Scapegoating, when combined with inept or politically twisted profiling would seem a predictable outcome of this Automated Targeting System.
posted by nickyskye at 10:39 AM on September 22, 2007 [2 favorites]


Found an article with similar details, but it doesn't match exactly and I have no name and no location to confirm.
posted by dilettante at 10:40 AM on September 22, 2007


Library of Congress.
posted by doctorschlock at 10:43 AM on September 22, 2007


Cjorgensen:I know that sounds Orwellian, but until I hear about a blond haired woman from Minnesota trying to take over a plane, these people just won't scare me as much.

This makes no sense whatsoever. Here's an example of why. When I was a young juvenile delinquent, my friends and I were world class beer stealers. Our strategy? Send the Black Guy(me) in first. I would wander around aimlessly on the opposite side of the store sending store security into all kinds of code red, operation delta type maneuvers. This was before surveillance cameras were omnipresent, and usually security never even tried to be discreet about it. They would openly follow me through the store. Meanwhile, my white friends would be on the other side of the store, completely unwatched, filling their backpacks with 40's. We did this a lot.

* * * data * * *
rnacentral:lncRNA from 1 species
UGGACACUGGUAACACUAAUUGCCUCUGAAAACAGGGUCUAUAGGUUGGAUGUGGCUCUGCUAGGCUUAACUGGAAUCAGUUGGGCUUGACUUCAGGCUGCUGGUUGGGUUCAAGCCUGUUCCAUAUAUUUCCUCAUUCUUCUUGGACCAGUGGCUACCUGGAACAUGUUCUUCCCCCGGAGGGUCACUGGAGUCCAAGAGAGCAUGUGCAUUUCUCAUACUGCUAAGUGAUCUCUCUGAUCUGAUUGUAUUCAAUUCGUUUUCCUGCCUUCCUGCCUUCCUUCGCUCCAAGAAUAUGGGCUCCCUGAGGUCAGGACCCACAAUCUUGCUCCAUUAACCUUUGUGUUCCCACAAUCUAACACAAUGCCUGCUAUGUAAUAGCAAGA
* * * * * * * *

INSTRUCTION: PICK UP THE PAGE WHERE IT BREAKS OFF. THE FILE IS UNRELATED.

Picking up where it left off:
If a bunch of no-good 14 year olds can figure out how to game a profiling system, I'm sure the terrists can figure it out as well.

I know, I know, stealing is bad. But so is profiling, and so is this country's ridiculous policy of not selling Malt Liquor to 14 year olds. Profiling, targeting, rampant privacy invading is all terrible, not because it hurts my feelings, but because it flat out doesn't make us any safer.
posted by billyfleetwood at 10:50 AM on September 22, 2007 [21 favorites]


The irony of it all was that people knew me for having a strange sense of humor and that's what I thought I was being attacked for...but it went deeper than that. When I returned to work one of my ex-supervisors had dismantled my workstation and threw out anything associated with it in the trash. He didn't expect me to pass the investigation. He was the main person calling me a satanist. When i got back to work, my ex-boss placed me under this guys watch and he gave me hell. I had to file a grievance to get him off my back.